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Alaska Fish & Wildlife News
The Brief Busy Life of the Arctic Bumblebee
It’s late May and the Arctic tundra is still brown and half frozen, but spring is tugging at the roots of early flowering plants. The lousewort starts out tentatively, its leaves clutched in tight clusters the size of ping-pong balls, but soon enough it shoots up a wooly stalk, unfurls rows of pink blossoms, and welcomes its first visitor.
The sight of that first visitor can be startling. “You’re out there in the still frigid air and, gosh, there goes a bumblebee,” said Nome-based ADF&G Management Coordinator Peter Bente.
She is the queen of beasts among the tundra flowers. Big and hairy and social by nature, the Arctic bumblebee (Bombus polaris) is exquisitely adapted to life in the northern latitudes—where life in turn is often exquisitely adapted to this bushy brightly-colored bee.
She has been hibernating for the past nine months at least, suspended in an almost lifeless state in a mouse nest or some other subterranean burrow, waiting for the ground to warm. Already mated, the queen is the sole survivor of her colony and she has no time to lose. Some insects take years to complete their life cycle in the Arctic. A moth caterpillar, clocked at 12 years to pupation, grows a bit each year, freezes, then grows a bit more. A bumblebee in the Arctic, however, must get busy right away, said biologist Bernd Heinrich.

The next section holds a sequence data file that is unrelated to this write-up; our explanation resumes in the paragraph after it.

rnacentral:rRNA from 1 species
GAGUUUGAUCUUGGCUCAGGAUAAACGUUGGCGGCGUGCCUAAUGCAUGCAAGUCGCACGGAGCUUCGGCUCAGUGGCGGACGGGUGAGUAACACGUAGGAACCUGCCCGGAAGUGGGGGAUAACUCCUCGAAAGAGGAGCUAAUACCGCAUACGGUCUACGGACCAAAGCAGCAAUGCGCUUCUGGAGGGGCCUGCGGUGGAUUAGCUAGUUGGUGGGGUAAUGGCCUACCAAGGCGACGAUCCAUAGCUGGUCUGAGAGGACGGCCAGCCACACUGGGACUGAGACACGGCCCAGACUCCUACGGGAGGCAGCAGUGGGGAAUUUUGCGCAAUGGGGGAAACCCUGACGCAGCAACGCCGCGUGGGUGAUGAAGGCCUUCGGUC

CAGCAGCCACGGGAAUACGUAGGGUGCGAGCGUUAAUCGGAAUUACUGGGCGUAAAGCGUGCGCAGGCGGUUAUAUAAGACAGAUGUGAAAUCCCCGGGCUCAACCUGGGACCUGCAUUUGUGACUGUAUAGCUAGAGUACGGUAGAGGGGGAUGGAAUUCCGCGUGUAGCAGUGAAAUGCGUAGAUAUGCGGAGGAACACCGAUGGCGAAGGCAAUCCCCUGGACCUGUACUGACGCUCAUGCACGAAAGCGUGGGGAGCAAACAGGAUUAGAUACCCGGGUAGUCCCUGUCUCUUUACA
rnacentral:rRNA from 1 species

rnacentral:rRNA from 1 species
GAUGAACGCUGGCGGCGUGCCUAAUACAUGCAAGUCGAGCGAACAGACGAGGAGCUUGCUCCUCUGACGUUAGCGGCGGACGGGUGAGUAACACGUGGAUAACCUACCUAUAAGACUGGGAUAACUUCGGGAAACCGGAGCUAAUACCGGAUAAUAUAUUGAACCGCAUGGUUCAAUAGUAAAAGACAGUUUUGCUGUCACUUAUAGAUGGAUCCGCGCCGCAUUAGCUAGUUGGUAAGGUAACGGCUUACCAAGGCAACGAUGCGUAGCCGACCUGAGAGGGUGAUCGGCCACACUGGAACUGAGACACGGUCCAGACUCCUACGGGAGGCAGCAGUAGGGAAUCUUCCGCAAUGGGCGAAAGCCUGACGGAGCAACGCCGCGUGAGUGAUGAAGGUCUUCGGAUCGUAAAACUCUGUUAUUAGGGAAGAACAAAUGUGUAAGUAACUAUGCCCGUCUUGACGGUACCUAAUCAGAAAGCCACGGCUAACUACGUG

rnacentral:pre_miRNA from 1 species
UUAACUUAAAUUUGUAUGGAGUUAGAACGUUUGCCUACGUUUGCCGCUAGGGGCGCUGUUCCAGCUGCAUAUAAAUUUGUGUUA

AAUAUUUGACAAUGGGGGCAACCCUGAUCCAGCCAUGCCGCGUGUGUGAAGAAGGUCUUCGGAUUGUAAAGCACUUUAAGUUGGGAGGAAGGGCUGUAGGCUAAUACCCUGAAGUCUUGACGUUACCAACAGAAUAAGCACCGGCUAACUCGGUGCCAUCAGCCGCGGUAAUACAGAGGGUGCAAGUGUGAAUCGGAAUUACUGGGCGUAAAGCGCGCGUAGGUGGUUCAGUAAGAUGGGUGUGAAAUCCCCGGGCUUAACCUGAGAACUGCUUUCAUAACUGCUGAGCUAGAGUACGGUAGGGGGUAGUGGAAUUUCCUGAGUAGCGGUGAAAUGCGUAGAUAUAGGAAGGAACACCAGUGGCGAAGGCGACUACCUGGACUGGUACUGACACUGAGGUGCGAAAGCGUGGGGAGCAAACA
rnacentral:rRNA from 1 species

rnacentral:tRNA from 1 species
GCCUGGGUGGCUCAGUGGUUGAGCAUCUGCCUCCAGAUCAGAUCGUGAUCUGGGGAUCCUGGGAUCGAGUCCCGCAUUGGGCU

“The caterpillar can freeze solid but the problem with bumblebees is they basically have to complete the social cycle in one month, or maybe two,” he said.
Heinrich, a retired entomology professor from the University of Vermont, is probably best known for his popular books on ravens. As a youth, he wanted to study them but said he was advised never to study an animal smarter than himself. Still, he has found that insects are pretty smart too. He marvels at the bees’ sophisticated solutions to problems and the delicate balance they maintain between energy costs and payoffs, which he details in his book "Bumblebee Economics."
He points out that Bombus has been evolving for some 100 million years since it broke from its wasp-like ancestors, compared to only two million years that humans have been on the scene. About fifty species are found in all kinds of habitats across the U.S., but they are most finely-tuned to life on the tundra. Through a process called thermoregulation, the bumblebee can raise its internal body temperature to as high as 38°C—comparable to that of a human—ensuring it’s active when other insects are still too cold to move.
Even resting on a flower with its wings folded across its back, the bumblebee can continue to generate heat by “shivering” its flight muscles, and the animal’s velvet coat helps retain the warmth. The term “cold blooded insect” is really a misnomer, according to University of Alaska Museum insect curator Derek Sikes.
“They don’t maintain these temperatures constantly the way warm-blooded mammals do, but they do reach warm temperatures from internal heat generation,” he said.